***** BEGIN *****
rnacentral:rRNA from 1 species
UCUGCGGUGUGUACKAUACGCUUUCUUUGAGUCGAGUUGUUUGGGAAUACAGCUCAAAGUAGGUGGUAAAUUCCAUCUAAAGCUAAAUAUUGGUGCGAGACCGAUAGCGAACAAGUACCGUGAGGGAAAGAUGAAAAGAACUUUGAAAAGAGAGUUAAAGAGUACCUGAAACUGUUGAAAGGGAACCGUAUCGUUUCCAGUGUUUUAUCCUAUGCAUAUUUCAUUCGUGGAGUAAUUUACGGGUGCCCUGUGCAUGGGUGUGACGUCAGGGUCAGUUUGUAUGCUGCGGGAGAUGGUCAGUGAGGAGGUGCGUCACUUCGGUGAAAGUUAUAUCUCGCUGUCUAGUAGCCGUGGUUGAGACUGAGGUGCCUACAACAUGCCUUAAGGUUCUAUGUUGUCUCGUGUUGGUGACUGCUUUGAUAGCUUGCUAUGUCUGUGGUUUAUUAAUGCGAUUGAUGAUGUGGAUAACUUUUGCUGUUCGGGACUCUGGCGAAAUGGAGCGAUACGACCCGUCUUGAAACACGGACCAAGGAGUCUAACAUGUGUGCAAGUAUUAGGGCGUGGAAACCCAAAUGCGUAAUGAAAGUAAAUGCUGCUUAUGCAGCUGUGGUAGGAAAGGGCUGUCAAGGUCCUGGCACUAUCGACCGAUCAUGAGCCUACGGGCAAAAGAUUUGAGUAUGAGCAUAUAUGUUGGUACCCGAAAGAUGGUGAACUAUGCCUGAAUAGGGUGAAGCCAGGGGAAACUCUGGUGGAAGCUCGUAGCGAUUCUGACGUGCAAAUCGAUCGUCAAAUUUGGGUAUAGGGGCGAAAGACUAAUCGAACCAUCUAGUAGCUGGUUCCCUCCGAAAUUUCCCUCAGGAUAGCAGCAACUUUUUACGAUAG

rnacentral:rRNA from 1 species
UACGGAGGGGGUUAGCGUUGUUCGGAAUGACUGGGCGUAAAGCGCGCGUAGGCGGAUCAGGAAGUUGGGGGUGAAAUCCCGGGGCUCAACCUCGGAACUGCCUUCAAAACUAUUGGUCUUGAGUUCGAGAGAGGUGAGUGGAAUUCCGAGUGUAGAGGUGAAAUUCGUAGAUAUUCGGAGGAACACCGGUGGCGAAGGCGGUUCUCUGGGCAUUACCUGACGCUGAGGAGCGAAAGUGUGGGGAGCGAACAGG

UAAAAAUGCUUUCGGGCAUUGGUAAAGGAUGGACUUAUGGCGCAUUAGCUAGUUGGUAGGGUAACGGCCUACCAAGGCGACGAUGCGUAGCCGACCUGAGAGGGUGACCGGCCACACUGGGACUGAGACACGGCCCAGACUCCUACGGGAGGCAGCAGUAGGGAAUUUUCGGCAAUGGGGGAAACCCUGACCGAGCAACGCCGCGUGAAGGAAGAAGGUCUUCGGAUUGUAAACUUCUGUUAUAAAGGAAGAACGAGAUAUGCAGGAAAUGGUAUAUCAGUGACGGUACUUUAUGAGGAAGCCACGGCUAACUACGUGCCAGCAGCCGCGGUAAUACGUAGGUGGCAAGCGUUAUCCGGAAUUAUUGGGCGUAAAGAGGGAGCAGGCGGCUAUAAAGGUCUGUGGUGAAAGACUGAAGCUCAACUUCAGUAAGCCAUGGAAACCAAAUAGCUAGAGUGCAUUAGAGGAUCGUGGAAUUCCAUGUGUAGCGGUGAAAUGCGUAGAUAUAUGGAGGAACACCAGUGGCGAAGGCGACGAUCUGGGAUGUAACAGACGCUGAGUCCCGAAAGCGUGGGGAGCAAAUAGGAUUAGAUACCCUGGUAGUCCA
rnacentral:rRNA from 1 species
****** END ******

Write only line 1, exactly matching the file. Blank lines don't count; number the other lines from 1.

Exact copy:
rnacentral:rRNA from 1 species